ATHENS, Greece (AP) — Fire department officials in Greece arrested two men Saturday for allegedly deliberately setting fires, while hundreds of firefighters battled wildfires that have killed at least 21 people in the past week.
One man was arrested on the island of Evia for allegedly setting fire to dried grass in the Karystos area. The fire department said the man confessed to having set four other fires in the area in July and August.
A second man arrested in the Larissa area of central Greece also was accused of intentionally setting fire to dried vegetation.
Officials have blamed arson for several fires in Greece over the past week. It remains unclear what sparked the country's largest blazes, including one in the northeastern region of Evros, the location of nearly all the fire-attributed deaths, and another on the fringes of Athens.
Greece has been plagued by daily outbreaks of dozens of fires over the past week as gale-force winds and hot, dry summer conditions combined to whip up flames and hamper firefighting efforts. Firefighters were tackling 122 blazes Saturday, including 75 that broke out in the 24 hours between Friday evening and Saturday evening, the fire department said.
Although most new fires were controlled in their early stages, some grew to massive blazes that have consumed homes and vast tracts of forest.
“Some ... arsonists are setting fires, endangering forests, property and above all human lives,” Climate Crisis and Civil Protection Minister Vassilis Kikilias said Thursday. “What is happening is not just unacceptable, but despicable and criminal.”
The minister said nine fires were set in the space of four hours Thursday morning in the Avlona area in the northern foothills of Mount Parnitha on the northwestern fringes of Athens that is one of the capital's last green areas.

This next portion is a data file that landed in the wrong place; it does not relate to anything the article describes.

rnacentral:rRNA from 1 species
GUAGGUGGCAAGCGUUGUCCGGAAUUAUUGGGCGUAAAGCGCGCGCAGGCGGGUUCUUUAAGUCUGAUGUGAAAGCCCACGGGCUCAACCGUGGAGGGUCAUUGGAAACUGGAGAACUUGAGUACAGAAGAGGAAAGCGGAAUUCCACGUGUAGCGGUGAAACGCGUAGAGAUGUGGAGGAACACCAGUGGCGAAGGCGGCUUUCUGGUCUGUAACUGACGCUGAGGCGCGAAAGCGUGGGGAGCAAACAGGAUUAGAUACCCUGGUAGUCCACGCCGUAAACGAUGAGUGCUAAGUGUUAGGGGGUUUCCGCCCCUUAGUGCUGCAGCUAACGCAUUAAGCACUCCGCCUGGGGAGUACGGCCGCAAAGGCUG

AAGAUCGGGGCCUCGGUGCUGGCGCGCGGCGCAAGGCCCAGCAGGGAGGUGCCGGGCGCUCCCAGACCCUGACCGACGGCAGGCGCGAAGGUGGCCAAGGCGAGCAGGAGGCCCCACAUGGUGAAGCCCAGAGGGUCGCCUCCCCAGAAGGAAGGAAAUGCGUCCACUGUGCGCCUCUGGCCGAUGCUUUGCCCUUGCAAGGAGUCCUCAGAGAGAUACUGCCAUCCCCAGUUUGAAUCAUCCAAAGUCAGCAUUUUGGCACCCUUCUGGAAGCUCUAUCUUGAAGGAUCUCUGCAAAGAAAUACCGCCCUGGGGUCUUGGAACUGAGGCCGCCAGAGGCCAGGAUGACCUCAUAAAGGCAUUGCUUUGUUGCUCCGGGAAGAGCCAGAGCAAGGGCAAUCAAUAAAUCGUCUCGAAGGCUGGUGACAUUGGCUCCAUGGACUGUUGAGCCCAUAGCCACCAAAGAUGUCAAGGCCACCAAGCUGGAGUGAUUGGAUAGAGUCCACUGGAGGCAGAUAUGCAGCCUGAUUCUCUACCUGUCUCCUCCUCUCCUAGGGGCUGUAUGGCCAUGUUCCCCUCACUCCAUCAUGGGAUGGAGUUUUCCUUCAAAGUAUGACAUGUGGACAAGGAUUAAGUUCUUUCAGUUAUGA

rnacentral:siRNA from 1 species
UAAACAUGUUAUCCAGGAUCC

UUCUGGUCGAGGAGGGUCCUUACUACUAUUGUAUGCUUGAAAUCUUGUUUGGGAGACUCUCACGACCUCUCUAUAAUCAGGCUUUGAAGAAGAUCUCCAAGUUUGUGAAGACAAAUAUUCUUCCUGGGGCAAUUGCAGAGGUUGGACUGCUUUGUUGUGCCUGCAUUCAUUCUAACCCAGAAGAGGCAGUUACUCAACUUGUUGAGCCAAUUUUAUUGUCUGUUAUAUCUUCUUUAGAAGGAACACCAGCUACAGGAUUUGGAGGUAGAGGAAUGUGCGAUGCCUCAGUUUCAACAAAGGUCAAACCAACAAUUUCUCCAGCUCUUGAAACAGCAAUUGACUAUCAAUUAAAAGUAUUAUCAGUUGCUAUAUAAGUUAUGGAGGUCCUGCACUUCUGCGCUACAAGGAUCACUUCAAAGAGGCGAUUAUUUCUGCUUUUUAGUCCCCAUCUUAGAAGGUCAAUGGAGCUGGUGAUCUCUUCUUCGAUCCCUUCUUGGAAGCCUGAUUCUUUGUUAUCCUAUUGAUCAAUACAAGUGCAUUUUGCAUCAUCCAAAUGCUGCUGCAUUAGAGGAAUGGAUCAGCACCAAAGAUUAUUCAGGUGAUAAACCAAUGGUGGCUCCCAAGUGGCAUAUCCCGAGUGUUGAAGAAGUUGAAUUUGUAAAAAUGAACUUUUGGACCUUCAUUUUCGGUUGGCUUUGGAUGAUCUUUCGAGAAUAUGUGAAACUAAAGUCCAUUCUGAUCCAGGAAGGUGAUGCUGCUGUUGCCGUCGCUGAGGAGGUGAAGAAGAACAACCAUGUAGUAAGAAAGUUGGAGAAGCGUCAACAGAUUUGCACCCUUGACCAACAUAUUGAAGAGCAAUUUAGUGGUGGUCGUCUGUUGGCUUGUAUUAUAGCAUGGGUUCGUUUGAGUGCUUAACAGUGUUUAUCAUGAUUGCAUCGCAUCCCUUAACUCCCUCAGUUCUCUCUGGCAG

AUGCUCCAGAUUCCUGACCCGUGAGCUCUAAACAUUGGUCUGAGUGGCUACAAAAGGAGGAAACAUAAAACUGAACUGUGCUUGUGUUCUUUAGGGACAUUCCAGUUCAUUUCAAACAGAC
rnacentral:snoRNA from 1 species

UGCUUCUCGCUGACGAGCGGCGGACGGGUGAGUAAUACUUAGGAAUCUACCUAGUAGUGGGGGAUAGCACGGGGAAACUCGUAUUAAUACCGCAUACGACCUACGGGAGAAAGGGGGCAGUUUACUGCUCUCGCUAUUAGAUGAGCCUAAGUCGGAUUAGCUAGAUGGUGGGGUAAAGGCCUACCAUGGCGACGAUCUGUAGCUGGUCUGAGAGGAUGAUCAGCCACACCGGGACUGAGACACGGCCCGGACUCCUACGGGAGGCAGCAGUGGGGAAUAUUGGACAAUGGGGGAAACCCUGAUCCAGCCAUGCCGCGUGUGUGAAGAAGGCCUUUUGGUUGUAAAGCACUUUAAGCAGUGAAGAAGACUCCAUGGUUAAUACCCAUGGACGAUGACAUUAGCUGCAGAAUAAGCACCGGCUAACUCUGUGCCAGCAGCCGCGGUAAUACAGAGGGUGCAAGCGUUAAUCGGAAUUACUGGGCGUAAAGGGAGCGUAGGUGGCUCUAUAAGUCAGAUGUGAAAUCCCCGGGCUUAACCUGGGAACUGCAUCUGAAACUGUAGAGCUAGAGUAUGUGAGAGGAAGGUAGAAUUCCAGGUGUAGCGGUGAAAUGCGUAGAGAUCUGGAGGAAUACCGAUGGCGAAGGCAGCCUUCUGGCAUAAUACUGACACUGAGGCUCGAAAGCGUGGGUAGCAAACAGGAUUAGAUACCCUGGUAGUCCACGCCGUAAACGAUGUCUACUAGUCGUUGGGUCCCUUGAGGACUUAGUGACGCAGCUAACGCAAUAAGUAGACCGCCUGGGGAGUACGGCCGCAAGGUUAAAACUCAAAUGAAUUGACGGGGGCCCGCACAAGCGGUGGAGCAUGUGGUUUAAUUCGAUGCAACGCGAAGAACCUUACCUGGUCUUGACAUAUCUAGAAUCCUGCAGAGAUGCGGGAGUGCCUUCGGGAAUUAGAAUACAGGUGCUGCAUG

A major fire was already burning on the southern side of the mountain at the time, and it continued to burn Saturday.
“You are committing a crime against the country,” Kikilias said. “We will find you. You will be held accountable to justice.”
Later on Thursday, police arrested a 45-year-old man on suspicion of arson for allegedly setting at least three fires in the Avlona area. A search of his home revealed kindling, a fire torch gun and pine needles, police said.
Lightning strikes from storms in some parts of the country Saturday were believed to have been the cause of several fires, including near the Greek capital. The fire department said 100 firefighters, including contingents from France and Cyprus, backed up by four helicopters, brought fires in four outlying areas near the Greek capital under partial control within hours.
The fire department called on the public “to be particularly careful” and to follow directions by authorities “given that intense thunderstorm activity is occurring in various parts of the country.”
The Evros fire, Greece's largest current blaze, was burning for an eighth day Saturday near the city of Alexandroupolis after causing at least 20 deaths. Authorities issued evacuation orders Saturday afternoon for three villages in the area.
Firefighters found 18 bodies in a forest on Tuesday, one on Monday and another Thursday. The 18 included two boys aged between 10 and 15. With nobody reported missing in the area, authorities believe the victims might have been migrants who recently crossed the border from Turkey.
Greece’s Disaster Victim Identification Team was activated to identify the remains, and a telephone hotline set up for potential relatives of the victims to call. A man reportedly trying to save his livestock from advancing flames in central Greece also died on Monday.
More than 290 firefighters, backed by five planes and two helicopters, were battling the Evros blaze. Another 260 firefighters, four planes and three helicopters were tackling the Mount Parnitha fire.
Another blaze broke out on the Cycladic island of Andros Saturday, where an evacuation order for a village was also issued. Firefighting reinforcements, including French firefighters with vehicles were sent to Andros from other islands and from the Greek mainland. A lightning strike was reportedly suspected as the cause.
With firefighting forces stretched to the limit, Greece has called on other European countries for help. Germany, Sweden, Croatia and Cyprus sent aircraft, while dozens of Romanian, French, Czech, Bulgarian, Albanian, Slovak and Serb firefighters were helping on the ground.
Greece imposes wildfire prevention regulations, typically from the start of May to the end of October, to limit activities such as the burning of dried vegetation and the use of outdoor barbecues.
Since the start of this year’s fire season, fire department officials have arrested 163 people on fire-related charges, government spokesman Pavlos Marinakis said Friday, including 118 for negligence and 24 for deliberate arson. The police made a further 18 arrests, he said.